Now of course there are some recent exceptions, Pixar’s ‘Inside Out’, ‘Coco’ and last year’s ‘Incredibles 2’ I did enjoy very much. These films proved to me that Pixar still does have some great stories in them, although these films aren’t perfect and I wouldn’t rank them as high as the classic Pixar films personally, they definitely show potential. I would love to see more original animated films like this from Pixar. Considering how much money ‘Coco’ made when it was released, it’s clear they still make money just from the Pixar name alone. So why do they feel the need to rely on sequels? Many people would point to Disney pulling their leg, and although I could believe that. I also think it’s due to Pixar simply becoming uninterested, they now think of themselves as the animation giants the audience believes they are. This means they no longer take risks, and are comfortable simply gaining profit of their previous franchises.

This could also be due to a lack of original ideas of course, Pixar simply feeling more comfortable returning to their previous stories. But considering some of their big competitors such as: DreamWorks Animation, Blue Sky Animation, Warner Bros. Animation and Illumination Animation are all still pumping out original films (granted not all quite to the Pixar standard). Films such as: ‘Captain Underpants: The Epic First Movie’, ‘Ferdinand’, ‘The Lego Movie’ and ‘Despicable Me’ are all still a very enjoyable watch. Some of these films even making a pretty big box office return. With the ‘Despicable Me’ spin-off: ‘Minions’ even becoming one of the highest grossing animated films ever earning over £900 million. Even the company teamed up with them: Disney. Are beating them recently when it comes to original animated flicks. With Disney’s ‘Zootropolis’ being one of my favourite films of 2016 when it was originally released.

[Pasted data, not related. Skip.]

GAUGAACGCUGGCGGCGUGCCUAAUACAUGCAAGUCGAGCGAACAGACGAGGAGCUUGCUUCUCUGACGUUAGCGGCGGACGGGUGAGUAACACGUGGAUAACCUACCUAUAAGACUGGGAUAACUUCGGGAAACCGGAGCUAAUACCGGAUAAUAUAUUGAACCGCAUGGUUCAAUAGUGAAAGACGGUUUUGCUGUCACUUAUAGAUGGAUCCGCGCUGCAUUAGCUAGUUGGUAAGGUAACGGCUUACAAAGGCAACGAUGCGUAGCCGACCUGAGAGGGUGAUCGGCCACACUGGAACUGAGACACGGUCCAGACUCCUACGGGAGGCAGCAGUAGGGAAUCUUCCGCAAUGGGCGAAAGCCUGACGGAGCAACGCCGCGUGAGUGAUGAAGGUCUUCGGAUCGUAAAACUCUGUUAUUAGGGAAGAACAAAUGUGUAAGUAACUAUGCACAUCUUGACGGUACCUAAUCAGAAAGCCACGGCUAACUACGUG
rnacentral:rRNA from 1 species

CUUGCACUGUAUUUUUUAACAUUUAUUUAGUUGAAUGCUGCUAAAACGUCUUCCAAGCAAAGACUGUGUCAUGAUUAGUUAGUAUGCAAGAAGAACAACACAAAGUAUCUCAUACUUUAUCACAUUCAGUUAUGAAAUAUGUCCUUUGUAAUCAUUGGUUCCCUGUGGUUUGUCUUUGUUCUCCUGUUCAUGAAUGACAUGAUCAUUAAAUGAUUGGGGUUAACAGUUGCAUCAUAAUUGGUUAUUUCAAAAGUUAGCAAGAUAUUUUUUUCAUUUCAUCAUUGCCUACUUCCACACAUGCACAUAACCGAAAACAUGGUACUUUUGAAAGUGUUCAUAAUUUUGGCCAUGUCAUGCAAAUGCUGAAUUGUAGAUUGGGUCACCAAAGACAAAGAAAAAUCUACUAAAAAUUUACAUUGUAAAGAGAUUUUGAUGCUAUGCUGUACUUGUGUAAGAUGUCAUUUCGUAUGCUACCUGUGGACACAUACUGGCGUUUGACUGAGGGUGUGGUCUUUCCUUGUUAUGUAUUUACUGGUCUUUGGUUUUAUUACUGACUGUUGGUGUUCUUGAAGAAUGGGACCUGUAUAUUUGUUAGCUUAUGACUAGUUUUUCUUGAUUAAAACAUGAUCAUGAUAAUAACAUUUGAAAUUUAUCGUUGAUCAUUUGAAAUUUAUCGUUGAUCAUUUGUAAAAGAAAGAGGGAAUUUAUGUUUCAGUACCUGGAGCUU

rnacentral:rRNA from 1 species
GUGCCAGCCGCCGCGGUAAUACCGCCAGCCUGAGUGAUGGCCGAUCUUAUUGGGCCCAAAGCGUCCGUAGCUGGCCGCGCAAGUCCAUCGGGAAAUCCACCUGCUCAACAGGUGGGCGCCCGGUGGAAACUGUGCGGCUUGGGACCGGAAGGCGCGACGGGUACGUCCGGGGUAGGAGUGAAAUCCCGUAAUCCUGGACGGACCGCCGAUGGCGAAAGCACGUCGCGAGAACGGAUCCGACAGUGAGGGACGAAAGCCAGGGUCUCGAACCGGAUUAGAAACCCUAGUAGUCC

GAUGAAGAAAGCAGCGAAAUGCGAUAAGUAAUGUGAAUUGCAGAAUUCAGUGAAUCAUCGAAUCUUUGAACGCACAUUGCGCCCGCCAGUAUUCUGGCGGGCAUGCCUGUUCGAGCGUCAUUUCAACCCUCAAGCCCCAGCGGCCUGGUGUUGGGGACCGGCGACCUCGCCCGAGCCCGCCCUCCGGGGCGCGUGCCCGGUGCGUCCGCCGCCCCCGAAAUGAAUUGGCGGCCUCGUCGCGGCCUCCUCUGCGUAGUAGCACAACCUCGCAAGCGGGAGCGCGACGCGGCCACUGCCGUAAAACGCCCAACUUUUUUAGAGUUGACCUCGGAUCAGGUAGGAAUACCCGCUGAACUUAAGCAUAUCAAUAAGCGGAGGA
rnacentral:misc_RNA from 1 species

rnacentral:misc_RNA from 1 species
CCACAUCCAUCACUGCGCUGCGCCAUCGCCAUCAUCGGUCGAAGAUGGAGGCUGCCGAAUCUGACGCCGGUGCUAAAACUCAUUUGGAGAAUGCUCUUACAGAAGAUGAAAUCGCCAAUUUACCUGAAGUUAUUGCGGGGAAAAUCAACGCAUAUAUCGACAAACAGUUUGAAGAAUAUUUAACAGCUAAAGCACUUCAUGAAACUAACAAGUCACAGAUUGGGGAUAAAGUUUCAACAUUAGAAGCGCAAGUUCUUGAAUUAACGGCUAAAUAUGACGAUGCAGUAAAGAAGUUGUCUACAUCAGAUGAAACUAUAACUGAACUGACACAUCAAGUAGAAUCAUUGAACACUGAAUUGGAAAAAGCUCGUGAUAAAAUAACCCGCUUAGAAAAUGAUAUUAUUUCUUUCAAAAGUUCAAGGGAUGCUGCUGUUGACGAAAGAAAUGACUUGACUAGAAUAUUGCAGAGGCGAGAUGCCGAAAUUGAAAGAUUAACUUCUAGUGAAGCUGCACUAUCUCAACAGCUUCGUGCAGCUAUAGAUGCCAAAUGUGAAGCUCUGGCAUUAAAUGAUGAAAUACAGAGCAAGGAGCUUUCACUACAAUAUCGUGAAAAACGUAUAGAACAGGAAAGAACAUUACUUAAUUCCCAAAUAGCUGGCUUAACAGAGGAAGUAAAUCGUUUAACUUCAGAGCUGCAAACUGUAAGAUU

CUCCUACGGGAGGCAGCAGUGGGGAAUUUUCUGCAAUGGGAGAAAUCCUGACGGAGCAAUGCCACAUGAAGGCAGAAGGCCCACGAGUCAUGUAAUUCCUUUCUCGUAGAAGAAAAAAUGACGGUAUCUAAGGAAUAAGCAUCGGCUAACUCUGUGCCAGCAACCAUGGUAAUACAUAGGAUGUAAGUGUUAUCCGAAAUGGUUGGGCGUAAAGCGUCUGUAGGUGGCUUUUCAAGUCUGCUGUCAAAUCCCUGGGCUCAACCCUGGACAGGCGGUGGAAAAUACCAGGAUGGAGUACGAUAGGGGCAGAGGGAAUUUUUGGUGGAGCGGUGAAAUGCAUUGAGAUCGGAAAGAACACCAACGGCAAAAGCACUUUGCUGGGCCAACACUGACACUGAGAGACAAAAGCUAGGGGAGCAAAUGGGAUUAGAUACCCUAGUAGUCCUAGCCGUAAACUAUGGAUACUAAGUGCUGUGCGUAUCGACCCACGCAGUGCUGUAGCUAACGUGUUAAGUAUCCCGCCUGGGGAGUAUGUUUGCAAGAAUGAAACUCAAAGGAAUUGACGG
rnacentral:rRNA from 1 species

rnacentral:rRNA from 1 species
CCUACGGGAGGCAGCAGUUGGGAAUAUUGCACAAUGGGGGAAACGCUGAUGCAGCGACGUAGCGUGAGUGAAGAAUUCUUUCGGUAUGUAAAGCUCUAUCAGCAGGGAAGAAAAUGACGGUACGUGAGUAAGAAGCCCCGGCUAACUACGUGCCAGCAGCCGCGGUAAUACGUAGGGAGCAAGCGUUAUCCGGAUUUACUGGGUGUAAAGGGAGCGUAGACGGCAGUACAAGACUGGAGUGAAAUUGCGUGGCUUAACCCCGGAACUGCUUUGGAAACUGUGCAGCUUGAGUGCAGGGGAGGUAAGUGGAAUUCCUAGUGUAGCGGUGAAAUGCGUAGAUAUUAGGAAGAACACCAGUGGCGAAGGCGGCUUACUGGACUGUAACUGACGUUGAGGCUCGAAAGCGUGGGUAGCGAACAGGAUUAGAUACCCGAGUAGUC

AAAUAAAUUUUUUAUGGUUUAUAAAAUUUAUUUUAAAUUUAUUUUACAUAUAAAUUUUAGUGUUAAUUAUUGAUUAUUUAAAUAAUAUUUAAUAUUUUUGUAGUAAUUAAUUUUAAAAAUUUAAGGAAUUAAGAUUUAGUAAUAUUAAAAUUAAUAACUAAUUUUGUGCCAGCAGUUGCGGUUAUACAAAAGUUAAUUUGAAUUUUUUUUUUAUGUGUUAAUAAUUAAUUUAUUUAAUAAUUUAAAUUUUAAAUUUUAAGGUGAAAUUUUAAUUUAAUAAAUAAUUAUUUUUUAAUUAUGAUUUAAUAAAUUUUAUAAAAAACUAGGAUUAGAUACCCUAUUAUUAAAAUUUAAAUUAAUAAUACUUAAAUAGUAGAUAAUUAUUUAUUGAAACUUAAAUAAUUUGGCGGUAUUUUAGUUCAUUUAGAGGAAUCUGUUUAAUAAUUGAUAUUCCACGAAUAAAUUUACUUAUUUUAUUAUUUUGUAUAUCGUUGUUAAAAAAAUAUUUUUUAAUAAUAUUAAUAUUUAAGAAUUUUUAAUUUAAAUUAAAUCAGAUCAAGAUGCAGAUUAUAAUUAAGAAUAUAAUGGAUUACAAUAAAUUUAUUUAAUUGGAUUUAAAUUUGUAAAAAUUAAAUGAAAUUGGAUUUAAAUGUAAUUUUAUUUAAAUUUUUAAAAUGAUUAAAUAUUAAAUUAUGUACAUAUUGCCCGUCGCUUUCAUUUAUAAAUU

In conclusion, what happened to Pixar Animation is very clear to me. They simply got lazy, focusing far more on wanting to make large profit rather than give their audience new exciting stories. The company isn’t completely dead, films like ‘Coco’ and ‘Inside Out’ clearly proving there is still talent there. But with the older writers and creators now backing down from the company with newer faces arising. I’m concerned that Disney and Pixar executives may continue to push for more sequels, prequels and spin-offs with the knowledge that the films will always make money regardless of their quality. This is mostly why I fear for ‘Toy Story 4’, as even though I really hope the film is great, I currently have a lot of doubts in my mind about it. Pixar however, have also recently brought out a trailer for their next film following on from ‘Toy Story 4’ titled: ‘Onward’, which does appear to be a completely original story focusing on elements of fantasy and adventure, so perhaps not all is lost for the iconic animation company just yet. But only time will tell I suppose.

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What’s Wrong With Modern-Horror? – Film Discussion

What’s wrong with the majority of modern-horror films?